Groundbreaking pilot combines smart home technology and wearables to further independence and support thousands in need in Ohio.
CINCINNATI, Ohio (Oct. 21, 2020) – The developmental disabilities field is facing a crisis with staffing shortages, the rising cost of services and an increasing number of people needing services, according to the Case for Inclusion 2020 Report. The result: tens of thousands of Ohioans with disabilities are unable to receive the supports they need. LADD, a Cincinnati nonprofit empowering adults with developmental disabilities, has launched a first of its kind in the nation Smart Living Pilot to meet this challenge.
The pilot utilizes smart home technologies, including virtual remote supports, and wearables to further independence while keeping people safe. The technology and supports are designed to anticipate challenges and threats to safety and resolve them before they happen, allowing staff to intervene only when needed instead of being present 24/7, which is, for many, the current service model.
Ohio currently spends more than $4 billion on services based on 2018 levy totals, the Ohio Department of Developmental Disabilities FY 2020 budget and Medicaid matching funds. Yet, thousands are still left without services. The efficiencies realized through technology could be life changing for people with disabilities and their families.
“To our knowledge, no other organization in the country has set down this path,” said LADD Chief Strategy Office Brian Hart. “We’re accomplishing transformative results for independence, safety and affordability.”
As part of the Smart Living Pilot, the Heidt Smart Living Home in Anderson Township was completed at the end of September, with Drew, Jim, Matt and Daniel moving in soon after and demonstrating immense courage to be the first – to do something that’s never been done before.
“I don’t know the words to say it, I’m just…I’m finally home,” said Matt Chaffin, one of the residents.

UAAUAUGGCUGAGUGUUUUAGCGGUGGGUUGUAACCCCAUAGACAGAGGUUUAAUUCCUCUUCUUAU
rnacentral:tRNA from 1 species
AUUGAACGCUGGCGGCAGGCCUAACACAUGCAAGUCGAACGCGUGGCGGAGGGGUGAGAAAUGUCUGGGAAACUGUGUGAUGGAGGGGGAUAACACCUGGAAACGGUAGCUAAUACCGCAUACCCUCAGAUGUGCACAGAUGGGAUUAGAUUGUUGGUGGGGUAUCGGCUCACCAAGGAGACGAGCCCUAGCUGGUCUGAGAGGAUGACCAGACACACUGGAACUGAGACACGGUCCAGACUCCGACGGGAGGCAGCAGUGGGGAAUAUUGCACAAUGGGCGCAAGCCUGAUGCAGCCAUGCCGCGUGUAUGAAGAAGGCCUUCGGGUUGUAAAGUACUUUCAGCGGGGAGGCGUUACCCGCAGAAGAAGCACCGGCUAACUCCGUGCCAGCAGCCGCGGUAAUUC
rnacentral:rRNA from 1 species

The home is the fourth in LADD’s Forever, Home initiative and is named in honor of the Heidt Family Foundation, which contributed the lead gift.
The Heidt Smart Living Home is just the beginning. In order to scale this model of community living, LADD is working with Xavier University’s Department of Occupational Therapy on research to determine the technology’s impact on independence and affordability.
“We have thought for so long what it would take for us to provide Drew a situation like this and the cost, the right supports, the right environment,” said Drew Jones’ father Steve Jones. “We didn’t imagine that that was going to happen for so long or if it could happen at all.”
“This project is a rare chance to create systemic change in how we empower people with disabilities to live their best lives and widen access to essential support services,” said Chip Heidt of the Heidt Family Foundation and LADD board member. “Two years ago, I talked about the future of community living for people with developmental disabilities; I’m proud to say today that future is here.”
Since moving in, Xavier University’s Occupational Therapy program as of August, 2021, has documented a 65% reduction in staff time and a maintaining or increase in independence for the individuals participating.
Guided by the belief that every person has ability and value, LADD empowers adults with developmental disabilities to live, work, and connect. Founded in 1975, the Cincinnati non-profit now supports more than 650 individuals through housing, employment and meaningful community engagement programs. Learn more at https://laddinc.org.